Only a limited selection of dependants are able to bring a claim for bereavement damages following the death of a loved one. In order to claim bereavement damages you must be a wife, husband or civil partner of the deceased or if the deceased is an unmarried child under 18, the parents (only the mother if the parents are unmarried) of the deceased can claim bereavement damages. At present, bereavement damages are a fixed sum of £12,980 and much lobbying of the government has been done to increase this sum, as it clearly does not reflect the loss of a loved one.
All dependants (as defined above) are able to claim for their loss as a result of their previous dependence on the deceased. This could be a financial dependency (i.e. a reliance on the deceased’s income) or a dependence on services provided by the deceased (such as household tasks, gardening, DIY etc). If a claim is made on behalf of a partner or spouse and the deceased’s children, the claim for financial dependency will usually be split between them in a suitable apportionment, to reflect the fact that the deceased’s income (but for his/her death) would have been split between the deceased, the spouse/partner and the children.
The dependants of the deceased can also claim for funeral expenses, if they paid for the funeral.
Can I get help with an inquest?
An inquest can be an intimidating place for families and loved ones of the deceased. There are several reasons the coroner may call for an inquest into the cause of death. It is likely an inquest will take place if a death cannot be explained following a post mortem, is sudden, violent or the deceased was in the care or custody of the state at the time of death. Inquests can be an opportunity for families and loved ones to seek answers and they are often quite informal and relaxed.
If it seems that representation is required at the inquest, we can assist you with this, or we can simply attend to provide support. We can guide you through the process both before and after the inquest. We will obtain all documents in the possession of the coroner prior to the inquest in order to help you prepare. We will work alongside you before and during the inquest to assist you in getting the answers that you deserve about how and why your loved one died.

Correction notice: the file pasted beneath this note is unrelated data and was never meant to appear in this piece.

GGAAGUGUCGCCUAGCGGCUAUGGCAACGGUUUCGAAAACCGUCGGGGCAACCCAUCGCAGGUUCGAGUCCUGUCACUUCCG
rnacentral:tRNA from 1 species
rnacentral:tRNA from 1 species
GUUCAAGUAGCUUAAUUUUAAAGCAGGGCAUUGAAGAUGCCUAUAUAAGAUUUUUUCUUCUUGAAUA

What are the time limits for making a claim after a fatal accident?
You have 3 years from the date of the accident to bring a claim for a fatal accident. If the injured person dies within 3 years of the accident (due to their accident-related injuries), the limitation clock starts again for his or her family members and they have 3 years from the date of death to bring a claim. If the injured person dies more than 3 years after their accident and has not commenced court proceedings in respect of their claim, their family members are unfortunately out of time to bring a claim.
There are variations to these time limits in specific circumstances. For example, if the death occurred on a ship or aeroplane, the time limit would be 2 years from the date of the accident. The time limit for applying for compensation from the Criminal Injuries Compensation Authority in respect of a fatality is also 2 years. Further, if the injury caused the injured person to lose mental capacity to conduct the claim, the limitation period may not have commenced and it may still be possible to bring a claim after their death.
Is no win no fee funding available for fatal accidents and how does it work?
It possible to fund a fatal accident claim on a no win no fee basis, which means that if the case is unsuccessful, you will not be required to pay any legal costs. This ensures that the deceased’s loved ones do not have to be concerned about paying out their own money to pursue the claim and also do not have to worry about losing money from the deceased’s estate.